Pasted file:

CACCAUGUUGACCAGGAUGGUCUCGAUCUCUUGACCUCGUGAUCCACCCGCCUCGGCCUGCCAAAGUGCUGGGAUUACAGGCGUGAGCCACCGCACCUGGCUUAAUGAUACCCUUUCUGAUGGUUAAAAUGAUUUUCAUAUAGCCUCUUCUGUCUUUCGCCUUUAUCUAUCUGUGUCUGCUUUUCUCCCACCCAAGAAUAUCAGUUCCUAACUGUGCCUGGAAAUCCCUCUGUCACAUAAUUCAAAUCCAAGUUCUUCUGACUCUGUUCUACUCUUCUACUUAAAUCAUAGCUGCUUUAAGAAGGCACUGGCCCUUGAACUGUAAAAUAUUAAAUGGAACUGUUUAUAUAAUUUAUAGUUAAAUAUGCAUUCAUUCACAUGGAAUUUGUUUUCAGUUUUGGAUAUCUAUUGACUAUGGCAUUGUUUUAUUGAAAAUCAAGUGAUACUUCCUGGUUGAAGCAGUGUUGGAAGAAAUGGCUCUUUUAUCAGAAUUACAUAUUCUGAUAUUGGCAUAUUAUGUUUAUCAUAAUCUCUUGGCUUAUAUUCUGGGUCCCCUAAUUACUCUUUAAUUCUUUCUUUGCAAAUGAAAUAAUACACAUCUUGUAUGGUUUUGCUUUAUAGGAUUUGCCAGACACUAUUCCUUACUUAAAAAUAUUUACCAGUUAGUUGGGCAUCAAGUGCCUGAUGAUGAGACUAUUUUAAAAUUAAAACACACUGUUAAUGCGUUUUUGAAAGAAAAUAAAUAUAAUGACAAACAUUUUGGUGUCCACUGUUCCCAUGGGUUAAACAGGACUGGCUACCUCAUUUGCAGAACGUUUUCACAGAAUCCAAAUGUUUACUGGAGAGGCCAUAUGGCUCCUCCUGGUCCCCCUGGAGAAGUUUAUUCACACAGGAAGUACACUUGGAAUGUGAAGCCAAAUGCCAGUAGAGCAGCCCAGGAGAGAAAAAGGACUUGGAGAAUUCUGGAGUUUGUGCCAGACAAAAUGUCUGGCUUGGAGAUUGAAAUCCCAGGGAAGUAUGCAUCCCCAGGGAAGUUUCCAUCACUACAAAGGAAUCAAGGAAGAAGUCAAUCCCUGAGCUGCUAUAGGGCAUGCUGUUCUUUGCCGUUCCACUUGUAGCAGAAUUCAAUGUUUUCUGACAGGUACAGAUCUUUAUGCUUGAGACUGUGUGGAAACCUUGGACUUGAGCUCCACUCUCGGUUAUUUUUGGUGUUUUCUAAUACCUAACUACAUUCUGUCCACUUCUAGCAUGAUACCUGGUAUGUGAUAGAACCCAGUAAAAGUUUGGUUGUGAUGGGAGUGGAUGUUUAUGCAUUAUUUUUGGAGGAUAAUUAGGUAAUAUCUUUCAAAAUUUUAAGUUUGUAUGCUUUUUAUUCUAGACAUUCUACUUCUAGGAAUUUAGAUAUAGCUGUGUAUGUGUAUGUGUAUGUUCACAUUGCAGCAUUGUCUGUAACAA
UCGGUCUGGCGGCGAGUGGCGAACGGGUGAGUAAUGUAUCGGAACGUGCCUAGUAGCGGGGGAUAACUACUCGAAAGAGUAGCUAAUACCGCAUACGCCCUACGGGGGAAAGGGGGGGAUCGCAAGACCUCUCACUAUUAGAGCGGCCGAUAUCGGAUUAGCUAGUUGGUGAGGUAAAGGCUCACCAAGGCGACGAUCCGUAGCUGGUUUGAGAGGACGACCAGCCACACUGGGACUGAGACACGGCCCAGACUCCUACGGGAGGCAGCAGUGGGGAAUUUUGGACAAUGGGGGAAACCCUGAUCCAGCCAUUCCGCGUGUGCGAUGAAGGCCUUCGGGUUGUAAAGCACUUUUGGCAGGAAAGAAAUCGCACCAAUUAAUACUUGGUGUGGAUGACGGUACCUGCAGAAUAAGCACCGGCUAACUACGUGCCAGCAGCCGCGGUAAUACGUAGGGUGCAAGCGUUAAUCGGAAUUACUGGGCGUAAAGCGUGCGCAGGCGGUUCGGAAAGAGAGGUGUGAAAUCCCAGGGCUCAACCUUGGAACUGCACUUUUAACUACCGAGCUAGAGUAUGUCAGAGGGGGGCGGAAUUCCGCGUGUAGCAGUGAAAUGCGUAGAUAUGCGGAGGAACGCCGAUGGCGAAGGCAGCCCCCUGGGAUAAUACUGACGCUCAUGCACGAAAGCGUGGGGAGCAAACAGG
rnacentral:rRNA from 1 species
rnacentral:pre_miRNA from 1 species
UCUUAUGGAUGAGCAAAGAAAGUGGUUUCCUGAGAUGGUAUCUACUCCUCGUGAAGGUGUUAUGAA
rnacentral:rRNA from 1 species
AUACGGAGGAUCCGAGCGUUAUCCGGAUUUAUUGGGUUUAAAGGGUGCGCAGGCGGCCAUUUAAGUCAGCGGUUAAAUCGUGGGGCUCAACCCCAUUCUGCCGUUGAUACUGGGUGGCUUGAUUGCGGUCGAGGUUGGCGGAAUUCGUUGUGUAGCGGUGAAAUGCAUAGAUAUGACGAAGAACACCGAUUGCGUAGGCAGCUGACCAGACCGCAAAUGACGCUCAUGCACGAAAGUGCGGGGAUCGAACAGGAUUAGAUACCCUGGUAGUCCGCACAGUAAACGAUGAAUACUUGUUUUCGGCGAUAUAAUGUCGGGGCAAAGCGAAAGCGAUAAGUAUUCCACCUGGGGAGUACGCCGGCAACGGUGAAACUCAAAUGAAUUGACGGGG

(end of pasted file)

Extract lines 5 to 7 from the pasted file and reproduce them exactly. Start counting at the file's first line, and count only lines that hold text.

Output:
UCUUAUGGAUGAGCAAAGAAAGUGGUUUCCUGAGAUGGUAUCUACUCCUCGUGAAGGUGUUAUGAA
rnacentral:rRNA from 1 species
AUACGGAGGAUCCGAGCGUUAUCCGGAUUUAUUGGGUUUAAAGGGUGCGCAGGCGGCCAUUUAAGUCAGCGGUUAAAUCGUGGGGCUCAACCCCAUUCUGCCGUUGAUACUGGGUGGCUUGAUUGCGGUCGAGGUUGGCGGAAUUCGUUGUGUAGCGGUGAAAUGCAUAGAUAUGACGAAGAACACCGAUUGCGUAGGCAGCUGACCAGACCGCAAAUGACGCUCAUGCACGAAAGUGCGGGGAUCGAACAGGAUUAGAUACCCUGGUAGUCCGCACAGUAAACGAUGAAUACUUGUUUUCGGCGAUAUAAUGUCGGGGCAAAGCGAAAGCGAUAAGUAUUCCACCUGGGGAGUACGCCGGCAACGGUGAAACUCAAAUGAAUUGACGGGG